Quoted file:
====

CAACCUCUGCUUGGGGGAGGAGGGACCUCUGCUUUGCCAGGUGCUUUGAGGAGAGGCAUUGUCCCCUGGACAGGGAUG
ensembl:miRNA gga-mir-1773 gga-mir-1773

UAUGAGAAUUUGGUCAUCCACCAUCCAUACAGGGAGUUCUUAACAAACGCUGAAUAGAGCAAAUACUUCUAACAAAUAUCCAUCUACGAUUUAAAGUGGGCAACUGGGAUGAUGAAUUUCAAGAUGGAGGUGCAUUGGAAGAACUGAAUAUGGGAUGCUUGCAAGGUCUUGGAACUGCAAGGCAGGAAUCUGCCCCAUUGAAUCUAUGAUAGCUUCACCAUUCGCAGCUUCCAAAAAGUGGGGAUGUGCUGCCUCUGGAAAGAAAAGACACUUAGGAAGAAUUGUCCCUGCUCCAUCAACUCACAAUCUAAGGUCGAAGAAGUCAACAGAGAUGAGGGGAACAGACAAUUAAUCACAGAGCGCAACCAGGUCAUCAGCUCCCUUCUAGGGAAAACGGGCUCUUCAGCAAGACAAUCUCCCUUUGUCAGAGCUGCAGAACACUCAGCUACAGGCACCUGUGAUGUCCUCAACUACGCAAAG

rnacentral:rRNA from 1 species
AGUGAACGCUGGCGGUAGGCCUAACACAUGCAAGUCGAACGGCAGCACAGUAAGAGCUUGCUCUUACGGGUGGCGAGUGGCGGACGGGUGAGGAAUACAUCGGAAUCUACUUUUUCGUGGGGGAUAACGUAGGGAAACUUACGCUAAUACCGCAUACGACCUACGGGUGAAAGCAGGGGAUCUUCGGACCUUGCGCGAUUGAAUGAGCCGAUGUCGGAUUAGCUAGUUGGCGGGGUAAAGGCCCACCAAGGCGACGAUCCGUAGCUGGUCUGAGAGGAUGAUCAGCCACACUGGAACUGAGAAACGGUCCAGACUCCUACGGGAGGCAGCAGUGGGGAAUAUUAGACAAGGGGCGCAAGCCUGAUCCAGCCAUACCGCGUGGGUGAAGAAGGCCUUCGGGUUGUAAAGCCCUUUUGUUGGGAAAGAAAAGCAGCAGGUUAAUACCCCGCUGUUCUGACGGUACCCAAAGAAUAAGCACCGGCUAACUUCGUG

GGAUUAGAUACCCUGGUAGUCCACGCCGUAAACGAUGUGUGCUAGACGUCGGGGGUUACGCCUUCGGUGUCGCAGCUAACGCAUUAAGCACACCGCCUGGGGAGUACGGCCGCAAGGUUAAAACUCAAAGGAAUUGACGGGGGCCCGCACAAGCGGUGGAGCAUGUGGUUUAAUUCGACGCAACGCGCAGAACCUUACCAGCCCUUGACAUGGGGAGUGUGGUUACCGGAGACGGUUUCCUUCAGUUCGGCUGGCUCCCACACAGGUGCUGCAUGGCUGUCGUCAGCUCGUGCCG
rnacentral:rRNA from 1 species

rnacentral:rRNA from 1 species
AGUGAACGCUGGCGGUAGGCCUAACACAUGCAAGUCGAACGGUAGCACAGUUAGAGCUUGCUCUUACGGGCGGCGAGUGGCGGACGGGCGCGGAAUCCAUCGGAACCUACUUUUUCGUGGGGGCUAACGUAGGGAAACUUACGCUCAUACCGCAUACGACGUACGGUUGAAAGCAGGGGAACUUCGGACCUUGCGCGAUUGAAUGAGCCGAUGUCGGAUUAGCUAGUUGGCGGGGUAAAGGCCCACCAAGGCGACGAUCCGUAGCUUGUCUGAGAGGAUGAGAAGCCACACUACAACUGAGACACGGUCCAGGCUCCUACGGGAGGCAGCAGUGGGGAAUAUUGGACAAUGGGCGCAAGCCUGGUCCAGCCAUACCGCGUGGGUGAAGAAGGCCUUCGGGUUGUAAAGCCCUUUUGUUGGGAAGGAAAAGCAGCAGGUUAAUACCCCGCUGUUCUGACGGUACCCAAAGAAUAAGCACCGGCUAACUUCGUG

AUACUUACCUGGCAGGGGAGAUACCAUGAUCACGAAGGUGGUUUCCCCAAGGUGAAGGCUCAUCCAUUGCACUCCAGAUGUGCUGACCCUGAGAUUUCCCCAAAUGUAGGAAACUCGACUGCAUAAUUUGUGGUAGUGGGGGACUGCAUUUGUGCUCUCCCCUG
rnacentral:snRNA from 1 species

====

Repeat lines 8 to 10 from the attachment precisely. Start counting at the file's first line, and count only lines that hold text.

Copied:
rnacentral:rRNA from 1 species
AGUGAACGCUGGCGGUAGGCCUAACACAUGCAAGUCGAACGGUAGCACAGUUAGAGCUUGCUCUUACGGGCGGCGAGUGGCGGACGGGCGCGGAAUCCAUCGGAACCUACUUUUUCGUGGGGGCUAACGUAGGGAAACUUACGCUCAUACCGCAUACGACGUACGGUUGAAAGCAGGGGAACUUCGGACCUUGCGCGAUUGAAUGAGCCGAUGUCGGAUUAGCUAGUUGGCGGGGUAAAGGCCCACCAAGGCGACGAUCCGUAGCUUGUCUGAGAGGAUGAGAAGCCACACUACAACUGAGACACGGUCCAGGCUCCUACGGGAGGCAGCAGUGGGGAAUAUUGGACAAUGGGCGCAAGCCUGGUCCAGCCAUACCGCGUGGGUGAAGAAGGCCUUCGGGUUGUAAAGCCCUUUUGUUGGGAAGGAAAAGCAGCAGGUUAAUACCCCGCUGUUCUGACGGUACCCAAAGAAUAAGCACCGGCUAACUUCGUG

AUACUUACCUGGCAGGGGAGAUACCAUGAUCACGAAGGUGGUUUCCCCAAGGUGAAGGCUCAUCCAUUGCACUCCAGAUGUGCUGACCCUGAGAUUUCCCCAAAUGUAGGAAACUCGACUGCAUAAUUUGUGGUAGUGGGGGACUGCAUUUGUGCUCUCCCCUG